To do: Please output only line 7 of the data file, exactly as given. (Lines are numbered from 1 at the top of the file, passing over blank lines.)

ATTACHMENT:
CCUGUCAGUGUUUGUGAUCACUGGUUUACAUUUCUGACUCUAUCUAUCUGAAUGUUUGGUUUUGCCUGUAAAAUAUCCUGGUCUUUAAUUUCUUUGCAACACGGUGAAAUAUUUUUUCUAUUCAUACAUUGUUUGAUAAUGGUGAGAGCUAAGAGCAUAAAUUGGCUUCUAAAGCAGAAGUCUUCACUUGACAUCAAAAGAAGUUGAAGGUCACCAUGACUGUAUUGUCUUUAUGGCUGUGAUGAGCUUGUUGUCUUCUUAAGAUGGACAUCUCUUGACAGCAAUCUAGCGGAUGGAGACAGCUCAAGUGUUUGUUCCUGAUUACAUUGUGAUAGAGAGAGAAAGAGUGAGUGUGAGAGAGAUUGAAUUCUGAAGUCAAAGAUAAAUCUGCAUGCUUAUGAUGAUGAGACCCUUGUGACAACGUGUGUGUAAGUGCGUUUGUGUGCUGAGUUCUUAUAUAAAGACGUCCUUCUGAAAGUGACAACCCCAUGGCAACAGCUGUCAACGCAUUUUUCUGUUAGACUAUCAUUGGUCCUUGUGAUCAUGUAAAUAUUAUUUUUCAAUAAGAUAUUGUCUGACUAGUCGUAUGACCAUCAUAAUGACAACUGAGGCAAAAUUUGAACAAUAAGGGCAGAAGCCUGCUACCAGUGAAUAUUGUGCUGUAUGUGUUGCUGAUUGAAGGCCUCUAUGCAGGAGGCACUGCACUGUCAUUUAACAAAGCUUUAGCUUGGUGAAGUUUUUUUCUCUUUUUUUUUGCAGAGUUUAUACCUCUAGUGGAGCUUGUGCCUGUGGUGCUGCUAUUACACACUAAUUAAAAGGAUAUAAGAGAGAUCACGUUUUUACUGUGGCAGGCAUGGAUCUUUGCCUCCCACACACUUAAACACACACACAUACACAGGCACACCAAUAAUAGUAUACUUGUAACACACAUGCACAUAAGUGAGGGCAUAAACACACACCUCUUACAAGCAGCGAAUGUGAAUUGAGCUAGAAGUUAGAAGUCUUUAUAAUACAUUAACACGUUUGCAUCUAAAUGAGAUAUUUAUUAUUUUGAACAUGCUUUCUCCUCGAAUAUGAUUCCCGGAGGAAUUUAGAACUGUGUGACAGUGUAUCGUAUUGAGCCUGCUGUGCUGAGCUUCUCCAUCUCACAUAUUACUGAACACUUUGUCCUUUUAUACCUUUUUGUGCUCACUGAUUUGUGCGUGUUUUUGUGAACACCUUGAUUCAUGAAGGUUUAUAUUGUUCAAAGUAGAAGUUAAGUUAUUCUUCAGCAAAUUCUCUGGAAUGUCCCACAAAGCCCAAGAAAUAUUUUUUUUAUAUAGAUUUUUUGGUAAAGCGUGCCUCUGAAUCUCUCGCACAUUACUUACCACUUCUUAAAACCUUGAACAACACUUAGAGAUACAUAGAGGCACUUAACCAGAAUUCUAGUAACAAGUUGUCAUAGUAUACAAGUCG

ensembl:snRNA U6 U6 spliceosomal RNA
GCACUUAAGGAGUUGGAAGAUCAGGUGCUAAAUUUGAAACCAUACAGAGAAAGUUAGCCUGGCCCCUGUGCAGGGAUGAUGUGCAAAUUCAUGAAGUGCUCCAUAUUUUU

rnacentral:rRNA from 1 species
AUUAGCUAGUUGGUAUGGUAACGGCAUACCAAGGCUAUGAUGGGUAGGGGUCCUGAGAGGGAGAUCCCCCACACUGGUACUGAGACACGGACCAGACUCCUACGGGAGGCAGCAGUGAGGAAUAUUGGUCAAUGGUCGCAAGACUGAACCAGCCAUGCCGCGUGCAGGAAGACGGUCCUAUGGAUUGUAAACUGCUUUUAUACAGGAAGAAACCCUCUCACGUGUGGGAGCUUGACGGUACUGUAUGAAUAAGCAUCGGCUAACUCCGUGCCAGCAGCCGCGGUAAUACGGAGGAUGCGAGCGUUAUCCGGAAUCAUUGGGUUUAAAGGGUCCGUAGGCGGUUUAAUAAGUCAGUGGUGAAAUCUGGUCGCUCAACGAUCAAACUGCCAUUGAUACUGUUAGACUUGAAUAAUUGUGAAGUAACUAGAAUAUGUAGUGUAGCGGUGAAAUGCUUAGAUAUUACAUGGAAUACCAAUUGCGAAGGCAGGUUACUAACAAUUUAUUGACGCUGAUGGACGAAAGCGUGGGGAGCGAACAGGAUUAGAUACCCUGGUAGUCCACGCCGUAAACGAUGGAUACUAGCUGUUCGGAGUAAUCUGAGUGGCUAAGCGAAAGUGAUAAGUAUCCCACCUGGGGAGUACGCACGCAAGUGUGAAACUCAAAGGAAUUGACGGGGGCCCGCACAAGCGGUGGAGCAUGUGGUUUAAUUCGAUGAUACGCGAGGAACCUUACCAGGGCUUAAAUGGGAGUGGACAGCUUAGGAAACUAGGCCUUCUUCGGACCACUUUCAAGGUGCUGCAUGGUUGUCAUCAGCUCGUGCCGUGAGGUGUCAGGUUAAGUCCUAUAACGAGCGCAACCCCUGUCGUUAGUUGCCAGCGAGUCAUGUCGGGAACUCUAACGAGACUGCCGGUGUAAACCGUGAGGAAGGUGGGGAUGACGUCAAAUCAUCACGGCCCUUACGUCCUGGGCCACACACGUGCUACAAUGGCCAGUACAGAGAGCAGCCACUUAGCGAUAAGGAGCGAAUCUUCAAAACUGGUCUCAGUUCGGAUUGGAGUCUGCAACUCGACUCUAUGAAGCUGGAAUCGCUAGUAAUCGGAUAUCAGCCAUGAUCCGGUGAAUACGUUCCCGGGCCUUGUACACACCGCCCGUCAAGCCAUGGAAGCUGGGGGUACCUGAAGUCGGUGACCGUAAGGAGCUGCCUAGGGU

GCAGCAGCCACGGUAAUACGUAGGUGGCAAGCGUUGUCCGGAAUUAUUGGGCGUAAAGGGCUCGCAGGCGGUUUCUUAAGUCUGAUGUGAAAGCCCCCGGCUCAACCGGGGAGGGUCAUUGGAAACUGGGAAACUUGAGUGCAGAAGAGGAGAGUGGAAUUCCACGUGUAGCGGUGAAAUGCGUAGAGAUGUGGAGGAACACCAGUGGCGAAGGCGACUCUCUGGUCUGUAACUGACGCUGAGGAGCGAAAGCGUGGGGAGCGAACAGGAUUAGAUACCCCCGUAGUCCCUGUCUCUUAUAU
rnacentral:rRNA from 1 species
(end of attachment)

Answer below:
rnacentral:rRNA from 1 species